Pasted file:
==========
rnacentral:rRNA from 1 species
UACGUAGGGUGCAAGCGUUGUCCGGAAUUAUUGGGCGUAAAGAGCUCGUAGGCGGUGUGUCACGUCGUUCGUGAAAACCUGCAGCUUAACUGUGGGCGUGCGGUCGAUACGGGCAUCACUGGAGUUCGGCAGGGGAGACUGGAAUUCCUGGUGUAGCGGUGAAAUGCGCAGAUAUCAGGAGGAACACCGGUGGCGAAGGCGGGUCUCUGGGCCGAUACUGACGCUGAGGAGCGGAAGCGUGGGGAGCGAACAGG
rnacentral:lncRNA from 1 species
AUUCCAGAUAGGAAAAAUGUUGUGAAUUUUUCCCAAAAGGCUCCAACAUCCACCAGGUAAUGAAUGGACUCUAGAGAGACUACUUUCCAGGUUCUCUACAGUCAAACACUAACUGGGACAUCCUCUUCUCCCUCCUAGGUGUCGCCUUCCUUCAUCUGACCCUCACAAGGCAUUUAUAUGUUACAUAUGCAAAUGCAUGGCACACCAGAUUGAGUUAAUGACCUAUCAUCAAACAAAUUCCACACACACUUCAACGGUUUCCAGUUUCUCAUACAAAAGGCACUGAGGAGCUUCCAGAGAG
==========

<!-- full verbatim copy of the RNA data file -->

rnacentral:rRNA from 1 species
UACGUAGGGUGCAAGCGUUGUCCGGAAUUAUUGGGCGUAAAGAGCUCGUAGGCGGUGUGUCACGUCGUUCGUGAAAACCUGCAGCUUAACUGUGGGCGUGCGGUCGAUACGGGCAUCACUGGAGUUCGGCAGGGGAGACUGGAAUUCCUGGUGUAGCGGUGAAAUGCGCAGAUAUCAGGAGGAACACCGGUGGCGAAGGCGGGUCUCUGGGCCGAUACUGACGCUGAGGAGCGGAAGCGUGGGGAGCGAACAGG
rnacentral:lncRNA from 1 species
AUUCCAGAUAGGAAAAAUGUUGUGAAUUUUUCCCAAAAGGCUCCAACAUCCACCAGGUAAUGAAUGGACUCUAGAGAGACUACUUUCCAGGUUCUCUACAGUCAAACACUAACUGGGACAUCCUCUUCUCCCUCCUAGGUGUCGCCUUCCUUCAUCUGACCCUCACAAGGCAUUUAUAUGUUACAUAUGCAAAUGCAUGGCACACCAGAUUGAGUUAAUGACCUAUCAUCAAACAAAUUCCACACACACUUCAACGGUUUCCAGUUUCUCAUACAAAAGGCACUGAGGAGCUUCCAGAGAG